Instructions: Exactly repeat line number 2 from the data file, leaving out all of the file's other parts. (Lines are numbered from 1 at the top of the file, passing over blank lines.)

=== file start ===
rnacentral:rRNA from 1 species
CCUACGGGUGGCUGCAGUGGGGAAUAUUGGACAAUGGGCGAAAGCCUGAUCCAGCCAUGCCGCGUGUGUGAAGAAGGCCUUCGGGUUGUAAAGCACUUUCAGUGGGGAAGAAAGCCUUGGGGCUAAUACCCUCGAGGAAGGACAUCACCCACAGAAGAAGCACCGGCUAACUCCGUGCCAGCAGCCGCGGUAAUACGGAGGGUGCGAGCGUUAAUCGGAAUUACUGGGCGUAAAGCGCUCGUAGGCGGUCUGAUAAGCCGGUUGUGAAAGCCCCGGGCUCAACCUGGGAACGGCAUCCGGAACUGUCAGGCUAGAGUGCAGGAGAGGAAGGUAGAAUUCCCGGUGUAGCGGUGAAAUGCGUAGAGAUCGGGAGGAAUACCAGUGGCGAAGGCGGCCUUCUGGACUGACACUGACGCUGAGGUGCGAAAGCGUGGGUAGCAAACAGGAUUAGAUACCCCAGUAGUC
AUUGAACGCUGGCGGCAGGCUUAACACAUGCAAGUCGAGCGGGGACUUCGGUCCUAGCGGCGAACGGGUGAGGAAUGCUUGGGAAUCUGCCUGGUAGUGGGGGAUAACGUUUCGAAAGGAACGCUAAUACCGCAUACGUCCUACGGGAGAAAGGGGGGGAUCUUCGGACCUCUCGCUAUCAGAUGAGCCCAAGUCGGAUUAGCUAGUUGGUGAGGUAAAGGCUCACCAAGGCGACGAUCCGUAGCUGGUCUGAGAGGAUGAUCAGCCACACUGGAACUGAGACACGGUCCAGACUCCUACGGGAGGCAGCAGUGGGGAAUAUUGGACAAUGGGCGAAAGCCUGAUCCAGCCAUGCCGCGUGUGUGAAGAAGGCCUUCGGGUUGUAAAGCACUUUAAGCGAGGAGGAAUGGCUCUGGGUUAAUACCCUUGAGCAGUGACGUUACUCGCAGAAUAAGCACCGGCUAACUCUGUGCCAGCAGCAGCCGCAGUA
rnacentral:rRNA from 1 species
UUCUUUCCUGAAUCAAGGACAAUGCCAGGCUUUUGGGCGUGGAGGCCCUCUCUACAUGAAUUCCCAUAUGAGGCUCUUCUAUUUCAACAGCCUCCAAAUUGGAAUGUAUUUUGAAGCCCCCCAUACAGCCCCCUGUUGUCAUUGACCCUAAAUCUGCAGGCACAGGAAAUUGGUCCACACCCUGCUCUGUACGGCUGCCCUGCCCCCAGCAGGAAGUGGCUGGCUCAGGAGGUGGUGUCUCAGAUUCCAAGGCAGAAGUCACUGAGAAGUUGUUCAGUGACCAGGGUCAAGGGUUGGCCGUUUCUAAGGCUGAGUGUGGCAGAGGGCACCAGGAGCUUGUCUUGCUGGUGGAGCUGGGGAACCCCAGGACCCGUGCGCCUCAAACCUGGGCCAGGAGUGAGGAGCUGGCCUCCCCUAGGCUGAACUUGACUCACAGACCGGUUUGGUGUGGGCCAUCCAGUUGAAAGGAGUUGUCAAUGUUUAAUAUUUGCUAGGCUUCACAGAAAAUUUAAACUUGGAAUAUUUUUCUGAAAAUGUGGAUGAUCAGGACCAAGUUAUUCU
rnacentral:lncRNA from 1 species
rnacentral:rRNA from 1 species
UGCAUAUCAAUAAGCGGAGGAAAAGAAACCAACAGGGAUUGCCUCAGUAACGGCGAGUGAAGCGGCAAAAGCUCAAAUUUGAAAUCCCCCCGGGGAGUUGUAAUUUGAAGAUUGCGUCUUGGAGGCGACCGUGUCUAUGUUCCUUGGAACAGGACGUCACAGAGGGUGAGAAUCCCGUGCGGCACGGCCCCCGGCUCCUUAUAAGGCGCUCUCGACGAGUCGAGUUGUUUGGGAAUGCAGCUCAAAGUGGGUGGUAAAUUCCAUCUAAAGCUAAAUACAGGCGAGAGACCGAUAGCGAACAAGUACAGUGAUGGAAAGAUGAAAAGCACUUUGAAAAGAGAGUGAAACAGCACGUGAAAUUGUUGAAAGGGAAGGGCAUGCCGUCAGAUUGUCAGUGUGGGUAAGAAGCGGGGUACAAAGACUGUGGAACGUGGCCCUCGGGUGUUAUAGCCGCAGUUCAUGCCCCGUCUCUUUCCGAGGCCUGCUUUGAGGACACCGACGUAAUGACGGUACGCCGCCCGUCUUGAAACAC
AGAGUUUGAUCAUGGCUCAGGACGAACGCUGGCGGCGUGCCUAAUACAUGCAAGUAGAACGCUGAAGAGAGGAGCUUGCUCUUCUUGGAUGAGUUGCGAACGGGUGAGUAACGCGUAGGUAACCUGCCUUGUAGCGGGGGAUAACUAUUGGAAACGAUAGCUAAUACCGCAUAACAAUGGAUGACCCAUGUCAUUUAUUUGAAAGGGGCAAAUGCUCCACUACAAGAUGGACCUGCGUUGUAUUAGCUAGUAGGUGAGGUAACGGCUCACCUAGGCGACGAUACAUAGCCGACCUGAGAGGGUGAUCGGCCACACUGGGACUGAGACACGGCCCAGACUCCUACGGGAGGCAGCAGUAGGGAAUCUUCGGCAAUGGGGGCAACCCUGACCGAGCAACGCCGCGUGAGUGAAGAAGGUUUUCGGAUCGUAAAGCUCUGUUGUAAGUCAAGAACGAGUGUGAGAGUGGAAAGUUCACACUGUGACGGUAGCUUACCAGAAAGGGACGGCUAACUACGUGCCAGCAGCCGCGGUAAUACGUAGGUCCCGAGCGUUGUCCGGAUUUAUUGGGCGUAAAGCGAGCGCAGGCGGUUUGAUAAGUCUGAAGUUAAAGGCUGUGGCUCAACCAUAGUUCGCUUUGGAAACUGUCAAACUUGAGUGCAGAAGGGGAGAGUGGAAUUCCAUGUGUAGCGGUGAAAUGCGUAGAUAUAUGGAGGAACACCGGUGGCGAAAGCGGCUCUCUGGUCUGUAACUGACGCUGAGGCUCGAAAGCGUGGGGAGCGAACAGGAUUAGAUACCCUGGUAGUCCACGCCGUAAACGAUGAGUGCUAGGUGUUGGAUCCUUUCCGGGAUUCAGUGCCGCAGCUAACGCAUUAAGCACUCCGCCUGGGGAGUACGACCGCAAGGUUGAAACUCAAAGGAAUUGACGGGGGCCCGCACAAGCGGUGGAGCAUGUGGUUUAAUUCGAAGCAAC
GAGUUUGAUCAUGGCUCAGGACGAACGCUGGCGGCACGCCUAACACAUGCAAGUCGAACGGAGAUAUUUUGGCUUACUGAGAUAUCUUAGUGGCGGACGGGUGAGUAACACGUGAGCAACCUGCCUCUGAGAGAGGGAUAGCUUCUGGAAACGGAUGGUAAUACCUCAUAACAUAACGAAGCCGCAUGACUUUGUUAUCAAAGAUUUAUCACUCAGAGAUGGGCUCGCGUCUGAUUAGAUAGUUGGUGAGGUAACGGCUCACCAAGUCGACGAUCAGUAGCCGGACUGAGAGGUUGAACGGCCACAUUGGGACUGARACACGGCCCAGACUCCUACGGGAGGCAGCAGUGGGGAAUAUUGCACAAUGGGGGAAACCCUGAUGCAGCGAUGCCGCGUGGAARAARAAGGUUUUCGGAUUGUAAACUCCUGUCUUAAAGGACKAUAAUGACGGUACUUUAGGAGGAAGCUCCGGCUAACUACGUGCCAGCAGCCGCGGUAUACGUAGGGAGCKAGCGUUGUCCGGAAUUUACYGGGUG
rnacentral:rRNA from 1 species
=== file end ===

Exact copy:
CCUACGGGUGGCUGCAGUGGGGAAUAUUGGACAAUGGGCGAAAGCCUGAUCCAGCCAUGCCGCGUGUGUGAAGAAGGCCUUCGGGUUGUAAAGCACUUUCAGUGGGGAAGAAAGCCUUGGGGCUAAUACCCUCGAGGAAGGACAUCACCCACAGAAGAAGCACCGGCUAACUCCGUGCCAGCAGCCGCGGUAAUACGGAGGGUGCGAGCGUUAAUCGGAAUUACUGGGCGUAAAGCGCUCGUAGGCGGUCUGAUAAGCCGGUUGUGAAAGCCCCGGGCUCAACCUGGGAACGGCAUCCGGAACUGUCAGGCUAGAGUGCAGGAGAGGAAGGUAGAAUUCCCGGUGUAGCGGUGAAAUGCGUAGAGAUCGGGAGGAAUACCAGUGGCGAAGGCGGCCUUCUGGACUGACACUGACGCUGAGGUGCGAAAGCGUGGGUAGCAAACAGGAUUAGAUACCCCAGUAGUC